Tandaan ninyo kami: Filipino Americans’ experiences of racism and the legacy of colonial mentality during Covid-19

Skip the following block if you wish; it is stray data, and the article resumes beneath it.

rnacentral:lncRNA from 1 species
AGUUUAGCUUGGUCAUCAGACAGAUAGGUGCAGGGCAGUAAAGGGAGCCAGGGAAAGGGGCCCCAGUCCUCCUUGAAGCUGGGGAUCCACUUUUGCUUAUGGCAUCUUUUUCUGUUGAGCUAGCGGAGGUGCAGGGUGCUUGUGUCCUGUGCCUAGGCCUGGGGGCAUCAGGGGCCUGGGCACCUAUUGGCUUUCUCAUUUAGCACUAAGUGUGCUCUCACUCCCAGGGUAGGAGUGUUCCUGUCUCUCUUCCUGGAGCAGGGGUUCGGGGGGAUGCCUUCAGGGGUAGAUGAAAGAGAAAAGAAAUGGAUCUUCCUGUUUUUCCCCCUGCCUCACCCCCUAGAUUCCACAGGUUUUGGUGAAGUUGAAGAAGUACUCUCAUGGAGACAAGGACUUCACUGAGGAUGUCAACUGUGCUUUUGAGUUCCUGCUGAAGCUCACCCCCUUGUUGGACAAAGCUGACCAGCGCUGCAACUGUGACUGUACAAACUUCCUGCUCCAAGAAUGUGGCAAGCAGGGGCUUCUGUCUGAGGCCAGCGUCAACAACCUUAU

Colonial mentality, the unquestioned and automatic acceptance of anything American and the unquestioned and automatic rejection of anything Filipino, is a type of internalized racism distinct to Filipino Americans that considers the group’s unique colonial history. Amid the COVID-19 global pandemic, increased anti-Asian rhetoric has led to reports of increased racially motivated hate crimes against Asian Americans. The current study aimed to examine differences of endorsed colonial mentality between first-, 1.5-, and second-generation Filipino Americans, differences in perceived racist experiences between generations, and the extent to which dimensions of colonial mentality predict perceptions of racism. It was hypothesized that first-generation participants would report fewer incidents of racism both within the last year and within their lifetimes and that there would be no significant difference between 1.5- and second-generation participants. A total of 184 participants participated in this research study. It was also hypothesized that first-generation participants would have the highest endorsement of all dimensions of colonial mentality. Lastly, it was hypothesized that greater endorsement of colonial mentality would result in fewer reports of racism for all generation groups. Participants were recruited via social media and indigenous methods such as pakikipamuhay and pagtatanung-tanong. Findings indicated that first-generation participants reported fewer perceptions of racism compared to the other generations. Additionally, there was no significant difference between 1.5- and second-generation participants perceptions of racism. The only statistically significant difference in perceptions within both recent and lifetime timeframes existed between first- and second-generation participants. Findings also indicated that only differences in the dimensions of colonial mentality existed between first- and second-generation participants endorsement of colonial debt wherein the former endorsed much higher than the latter. Finally, colonial mentality was a significant predictor of perceptions of both lifetime and recent experiences of racism. Specifically, greater endorsement of internalized inferiority predicted more perceptions of racism and lesser endorsement of colonial debt predicted more perceptions of racism.